About a week ago, Massively OP posed a question to their staff and readers inspired by a post they saw on Reddit. The question was a simple one, one you can probably guess if you looked at the title of this post at all, but it’s an interesting question nonetheless:
Would you play your favorite MMO without its IP attached to it?
While I missed the initial post when Massively OP made it, it became a topic of some discussion amongst my fellow bloggers that participated in Blaugust this year. Nogamara and Paeroka even made posts about it!
And naturally, it got me thinking. Would I play my favorite MMO without its IP? After thinking about it for a bit, I came to the realization that the answer was yes, but with some caveats because, see, playing a game without the IP is somewhat run of the mill for me. I’ve done it before and I will absolutely do it again.
I had zero knowledge about the Warcraft universe before obtaining and jumping into World of Warcraft. WoW was a game I started playing legitimately because I saw one of my college roommates playing it once, I thought the world was gorgeous, and I was intrigued by the idea of a game world that I could roleplay in with other people. Sure, I picked up lore as I went along and there were wikis available for me to catch up on the necessary lore to understand the significance of plot events as I stumbled upon them, but I happily played World of Warcraft without ever having touched anything else in the franchise.
(To be honest, I had zero interest in the titles that came before it simply because of the kinds of games they were. Real-time strategy games are not my favorite things in the world, so I tend to not touch those by default.)
And you might think that I had some semblance of knowledge about the Elder Scrolls universe before I jumped into playing The Elder Scrolls Online, and that would be true.
The second time.
Before I started streaming TESO regularly, I had tried it once before. I had seen another streamer play it, and it looked pretty cool, so I had picked up the base game at one point when it had gone on sale. While I enjoyed what I played of it at the time, I didn’t truly embrace it until I had started streaming my very first playthrough of Skyrim and had far too much fun with it. Having that knowledge of Skyrim did make running through familiar locales from the game a lot more fun when I got to them in TESO, but I wouldn’t say that had been the motivating factor in getting me to pick up and play Elder Scrolls Online.
At best, I would say my knowledge of the Elder Scrolls IP is painfully minimal. I know what I do because other people have given me lore tidbits as I played or I’ve picked up on some things in the course of playing. And while having some knowledge has made my ESO experience a lot more enjoyable, I wouldn’t say that the IP was the only reason I started playing it.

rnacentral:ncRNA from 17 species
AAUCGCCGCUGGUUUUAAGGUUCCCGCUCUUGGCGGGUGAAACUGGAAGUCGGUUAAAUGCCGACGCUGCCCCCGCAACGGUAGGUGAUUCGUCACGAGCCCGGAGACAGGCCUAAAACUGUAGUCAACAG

Final Fantasy XIV is also a bit of a strange outlier for me in that while I acknowledge it’s part of an IP, I consider it its own unique game and largely separate from the IP it comes from. Given that each Final Fantasy game is basically its own self-contained universe and the other games never really acknowledging any of the other ones in the series, it’s fairly easy to divorce FF14 from the rest of the Final Fantasy series. Sure, the jobs tend to be the same between games, and NPCs with similar names will make an appearance, but the IP isn’t the reason I picked this one up. I was fascinated by the mechanics of the game itself (namely that one character could be every class in the game) and the roleplay was pretty fantastic. The story is amazing, as well, which is why I keep going back to Eorzea. The IP has nothing to do with it.
Now, there are some games where I have played them specifically because of the IP.
The Lord of the Rings Online is one such game, and, yeah, I freely admit I started playing it because of the fact that it was a Lord of the Rings game. I’ve talked before about how much this universe means to me. I’ve read all the books several times. I’ve seen all the movies. The idea that I could have a character of my very own exist in the same world at the same time as the Fellowship of the Ring was a huge draw for me. And while I played it and enjoyed it (the community on the roleplay servers was freaking amazing at the time I played), I will admit that the IP wasn’t necessarily enough to keep me playing. I had a hard time finding a space for myself there, especially given my lack of friends in the space, and it sadly became a game that fell by the wayside for me.
I found I had similar problems with Star Wars: The Old Republic. While I started playing it because of the IP (the Star Wars universe is another favorite of mine), I genuinely think it’s capable of standing on its own without it. SWTOR is a solid game, although I will admit I take issue with how the developers chose to implement certain things. I greatly enjoyed my time in SWTOR, but I never quite stuck with it due to the aforementioned issues.
I’ve even tried a couple of Dungeons and Dragons-inspired MMOs (Dungeons and Dragons Online, and Neverwinter) out of love for D&D on the whole, but they also failed to really grab my interest. And there are games with completely original IPs (such as Funcom’s Secret World, Amazon’s New World, and the now-deceased Wildstar) that I’ve played and enjoyed.
Overall, I’d say that for me, the IP doesn’t much matter. It may be a reason to get me to try a game, but that has no bearing on whether or not I’ll actually stick with it. Sticking with a game requires me to enjoy something about the game I’m playing, whether that’s the lore, the world, or even the story. That matters more to me than the IP does.
What about you, dear readers? Would you play your favorite MMO without its IP?